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Monday, May 21, 2018

Change and the Hero


“In AD 1, it took 1,500 years for the amount of information in the world to double. It is now doubling at the rate of once every two years.” This quote came from How to Survive Change You Didn’t Ask For by M.J.Ryan (Conari Press, 2014).



Change is inevitable. It can come in the form of relocation, new or lost employment, new or failed relationships or health crises. Changes can be so huge they overshadow everything else in our line of sight, or they can occur so quietly and stealthily that we remain largely unaware of them. They can propel themselves forward with the speed of light, or stack one upon another like adolescent building blocks.



There have always been people that resisted change. Sometimes change threatens the status quo, as when Galileo declared the earth revolved around the sun and was promptly jailed as a heretic. Sometimes change destroys jobs or industries; opposite automobile assembly lines were closed carriage shops and horses put to pasture. With the success of supermarkets came the demise of milkmen delivering their products house to house. Newspaper stands destroyed the jobs of paperboys standing on street corners, calling out the headlines to passersby.



Those that succeed are those that embrace change or at least rise to the call, while those that are relegated to mediocre sunsets are typically those unable or unwilling to accept change; those that fight to preserve a status quo and constantly look back at the “good old days” which, if we were to live them again today, would undoubtedly present their shortcomings. Sometimes change can be held at bay; in the past, this might have occurred over years, decades or even centuries, but with change occurring so much more rapidly today, one must either recognize that change is inevitable and prepare to adapt or be left woefully behind.



In writing, the hero is always presented with something he or she did not expect. It is always something that rocks their foundation, often sending them on a journey or quest to emerge on the other side forever transformed. Sometimes, the hero resists the call to action and becomes known in the literary world as “the reluctant hero”. But to emerge victorious, he cannot remain reluctant for long. When he does not answer the initial call, something else unexpected is presented in his path until he can no longer resist.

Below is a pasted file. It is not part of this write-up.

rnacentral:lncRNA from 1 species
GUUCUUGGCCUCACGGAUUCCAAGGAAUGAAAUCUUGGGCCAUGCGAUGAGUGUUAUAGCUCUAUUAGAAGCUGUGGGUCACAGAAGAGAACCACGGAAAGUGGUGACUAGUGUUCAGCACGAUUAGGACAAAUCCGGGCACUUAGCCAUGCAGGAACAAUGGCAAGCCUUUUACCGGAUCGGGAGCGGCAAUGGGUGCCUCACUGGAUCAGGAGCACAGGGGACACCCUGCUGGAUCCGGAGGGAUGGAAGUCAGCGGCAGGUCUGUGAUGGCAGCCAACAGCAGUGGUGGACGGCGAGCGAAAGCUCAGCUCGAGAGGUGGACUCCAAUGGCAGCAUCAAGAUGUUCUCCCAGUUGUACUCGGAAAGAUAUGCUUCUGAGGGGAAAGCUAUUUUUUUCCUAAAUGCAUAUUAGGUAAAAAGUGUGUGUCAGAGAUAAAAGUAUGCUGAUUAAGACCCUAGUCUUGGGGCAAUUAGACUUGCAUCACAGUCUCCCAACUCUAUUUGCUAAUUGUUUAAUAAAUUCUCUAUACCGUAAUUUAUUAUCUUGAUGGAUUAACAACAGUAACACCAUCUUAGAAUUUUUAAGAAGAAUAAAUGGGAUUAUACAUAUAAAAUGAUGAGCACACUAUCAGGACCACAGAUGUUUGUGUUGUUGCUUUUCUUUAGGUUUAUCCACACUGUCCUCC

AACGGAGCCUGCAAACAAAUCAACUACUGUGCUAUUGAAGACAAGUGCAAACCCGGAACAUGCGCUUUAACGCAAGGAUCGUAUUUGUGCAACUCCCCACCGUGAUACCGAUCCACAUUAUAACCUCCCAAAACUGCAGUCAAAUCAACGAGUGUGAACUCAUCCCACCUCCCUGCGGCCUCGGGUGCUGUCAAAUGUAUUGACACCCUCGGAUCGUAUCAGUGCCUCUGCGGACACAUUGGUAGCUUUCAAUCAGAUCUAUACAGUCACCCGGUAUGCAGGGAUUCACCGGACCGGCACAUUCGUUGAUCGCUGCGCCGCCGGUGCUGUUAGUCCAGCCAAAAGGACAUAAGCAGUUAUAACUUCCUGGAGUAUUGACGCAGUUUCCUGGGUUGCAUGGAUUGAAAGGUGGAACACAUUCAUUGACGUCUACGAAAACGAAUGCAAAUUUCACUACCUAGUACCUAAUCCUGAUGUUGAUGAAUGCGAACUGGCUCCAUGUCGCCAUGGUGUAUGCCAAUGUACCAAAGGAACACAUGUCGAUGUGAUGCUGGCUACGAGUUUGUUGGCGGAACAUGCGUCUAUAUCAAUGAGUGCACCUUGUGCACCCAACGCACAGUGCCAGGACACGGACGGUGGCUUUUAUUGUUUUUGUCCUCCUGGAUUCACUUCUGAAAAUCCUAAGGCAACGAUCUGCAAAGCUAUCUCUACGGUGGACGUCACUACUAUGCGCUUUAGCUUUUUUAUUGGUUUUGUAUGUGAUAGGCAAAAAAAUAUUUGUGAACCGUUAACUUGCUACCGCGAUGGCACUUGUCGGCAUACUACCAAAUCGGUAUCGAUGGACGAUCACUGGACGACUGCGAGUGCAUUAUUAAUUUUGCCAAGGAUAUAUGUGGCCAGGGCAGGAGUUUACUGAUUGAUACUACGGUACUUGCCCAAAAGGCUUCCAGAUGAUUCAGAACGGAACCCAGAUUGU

What the hero never does is bemoan what once was, clinging stubbornly to the past, whether that is a profession that is disappearing or a way of life no longer possible. You will not discover the hero sleeping away the days, the curtains drawn. The hero does not assume the mantle of a victim. He may hide temporarily but he knows he cannot be successful if he remains hidden in the shadows but only when he emerges.



In writing, the hero must act decisively, quickly and confidently. We do not know whether he will succeed in his quest, what monsters he must slay or what challenges he will encounter. Sometimes he will fail spectacularly. But in the end, he will triumph because of a refusal to give up or give in—and an acceptance that what went before is no longer possible, leading to an embrace of the changes—for it is always change itself that propels him forward.



The novel must speed up the decision and the action, and each scene must carry at least one meaning and piece of the puzzle to carry us forward. In that respect, it is unlike real life, in which people can remain in denial or put up resistance, therefore remaining stuck, through an entire lifetime. We may encounter these characters in novels, but they will always be minor characters and never the hero, and by their reluctance to embrace the new they offer a stark contrast against the hero’s movements forward.



What never occurs, either in life or in fiction, is change that is stopped in its tracks, returning the hero and others to what once was. Today, more than ever before, each of us must make the choice to be part of the change—or be left behind. To continue doing what you’re doing once meant you remained in place. Today it means sliding backward while the rest of the world moves forward without you. When entire countries or regions cling doggedly to the past, they almost never become an idyllic remnant of a perfect place and time, but sink ever more quickly into crumbling oblivion. Our heroes must lead the way, and often the hero is found inside us, waiting for our own permission to emerge.



 p.m.terrell is the author of more than 21 published books. For real life books about heroes, visit her non-fiction list and for fictional accounts featuring heroes, visit her mysteries list.